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The 50 most overlooked games of last generation

Stuntman: Ignition

Stuntman Ignition puts you in charge of every 180, ramp jump and expensive pyrotechnic that goes into the typical Hollywood blockbuster. And if you were turned off by the game's disappointing predecessor? Know that this sequel is a HUGE improvement. Production values have been heightened, gameplay variety has been expanded and the notorious difficulty has been rebalanced. Courses are now relatively forgiving, so you can complete challenges without adhering to a vicious line while some egomaniacal director barks orders at you. Stuntman: Ignition deserves better than the bargain bin status it was saddled with from the start.


How many games have you played with multiple endings that completely recontextualized the original playthrough's story? How many games will literally erase your save file when you reach the true conclusion? How many games look like a bargain big cast off but have some of the most moving events in gaming history? How many games star a talking book who sounds like C-3PO is he were a snotty drunk? Nier's barren presentation and mediocre combat belied a soaring heart. While it was overlooked on PS3 and Xbox 360, its cult helped earn it a sequel on PS4 and PC almost a decade later.

Little King's Story

While it seems like Little King's Story is a cute, simplistic game, nothing could be further from the truth. There's a lot going on in this little kingdom, and virtually all of it falls on your shoulders. Through the king you must build up the kingdom, command the subjects to do your bidding, and conquer other lands for  personal gain. All of this is done in a way that emulates games like Pikmin, and The Sims. The deep strategy was a poor fit for Story's cartoony presentation back when it came out on Wii, and while multiple re-releases on PC and PS Vita have tinkered with the art style to try and make it connect with a bigger audience, it's never found that momentum. For those that gave it a shot, though, they found an essential Wii experience.

The Club

While certainly not a tremendous game, The Club is a fun little bit of blood sport. The concept is simple: run through short levels as quickly as possible, killing waves of enemies in combos and thereby racking up as many points as possible. Its a neat concept, and a nice throwback to the sort of old arcade action games that Sega itself specialized in way back in the day.


Nintendo fans complained about a lack of real games to play on the Wii. Yet when presented with a super stylish, hyper violent beat em-up throwback with high review scores, they ignored the damn thing. MadWorld never received the wild adoration of Platinum Games' other early works like Bayonetta and Vanquish, nor does its motion-based gameplay reward the same sort of hardcore precision those games do. But it's grotesque humor and distinctive black and white art have kept it feeling relevant years later. Seek this out rather than its terrible PS3/360 sequel Anarchy Reigns.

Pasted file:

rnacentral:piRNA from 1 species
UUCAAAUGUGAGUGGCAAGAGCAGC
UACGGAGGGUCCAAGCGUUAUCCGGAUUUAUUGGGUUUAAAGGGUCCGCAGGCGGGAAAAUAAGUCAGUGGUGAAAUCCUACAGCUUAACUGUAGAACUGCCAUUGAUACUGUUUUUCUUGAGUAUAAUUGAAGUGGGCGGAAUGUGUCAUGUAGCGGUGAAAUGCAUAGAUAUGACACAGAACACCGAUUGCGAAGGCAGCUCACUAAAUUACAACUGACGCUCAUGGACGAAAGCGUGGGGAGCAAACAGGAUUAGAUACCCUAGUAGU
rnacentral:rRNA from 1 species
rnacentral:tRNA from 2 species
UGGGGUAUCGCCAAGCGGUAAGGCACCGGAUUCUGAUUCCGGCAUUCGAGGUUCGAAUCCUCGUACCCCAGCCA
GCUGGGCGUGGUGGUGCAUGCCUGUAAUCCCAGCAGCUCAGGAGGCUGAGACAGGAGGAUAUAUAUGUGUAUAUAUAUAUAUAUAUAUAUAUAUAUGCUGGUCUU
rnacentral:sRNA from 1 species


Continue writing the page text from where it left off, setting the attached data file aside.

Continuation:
Mario Strikers Charged

To FIFA and PES players, Mario on the pitch probably sounded like sacrilege.   Nintendo fans knew, though: Charged was following up the already brilliant Strikers. Mario Strikers Charged delivered; it's still an absolute hoot. Every charged power shot and character-specific special move is designed with satisfyingly tactical, risk-and-reward balance in mind, and motion-controlled goal-keeping means that skill can always beat super-powered cheese. That's right. Even its motion controls feel great.


Splatterhouseis not for the squeamish. It is for those player that think Evil Dead 2-style geysers of blood are absolutely hilarious. It is also for fans of things that are both totally metal in spirit and actual metal since the soundtrack sports Lamb of God, Mastodon, and Five Finger Death Punch. The constant gore, puerile humor, and noise can be wearying - as can the drawn out boss fights with instant death on failure quick time events - but all in all Splatterhouse holds up. It's gaming's very own Troma movie.

Resonance of Fate

Tri-Ace is best known for Star Ocean and Valkyrie Profile, but in 2010 they decided made one of the hardest, strangest turn-based JRPGs ever made: Resonance of Fate. Its hybrid of real-time and turn-based controls require hours of practice to master. As a result the long story and prolonged, sometimes repetitive fights can start to drag. Push through, though, and the strange mix of fantasy, gunplay acrobatics that make Equilibrium and John Wick look tame, and gorgeous character design overshadow its shortcomings.

Final Fantasy Crystal Chronicles: My Life as a King

In Final Fantasy Crystal Chronicles: My Life as a King, Square-Enix turned the RPG formula on its head by casting you not as an adventurer that sets out to save the kingdom, but the king that sends them out to do it. It felt just right. You're able to upgrade your town, outfit your warriors, and send them into the unknown. 

Resistance 3

We remain confused by what happened with the Resistance franchise. The first two games sold a ton of copies, creating the first powerhouse PS3 exclusive franchise, but for whatever reason the third game never connected with people. Adding insult to injury, Resistance 3 is the best of the series, a story-centric journey mixing the eccentric weapon juggling of the original with the narrative pacing of Half-Life. Even free of its predecessors, Resistance 3 is still absolutely worth playing. 

I've been playing games since I turned four in 1986, been writing about them since 1987, and writing about them professionally since 2008. My wife and I live in New York City. Chrono Trigger is my favorite game ever made, Hum's Downward is Heavenward is my favorite album, and I regularly find myself singing "You Won't See Me" by The Beatles in awkward situations.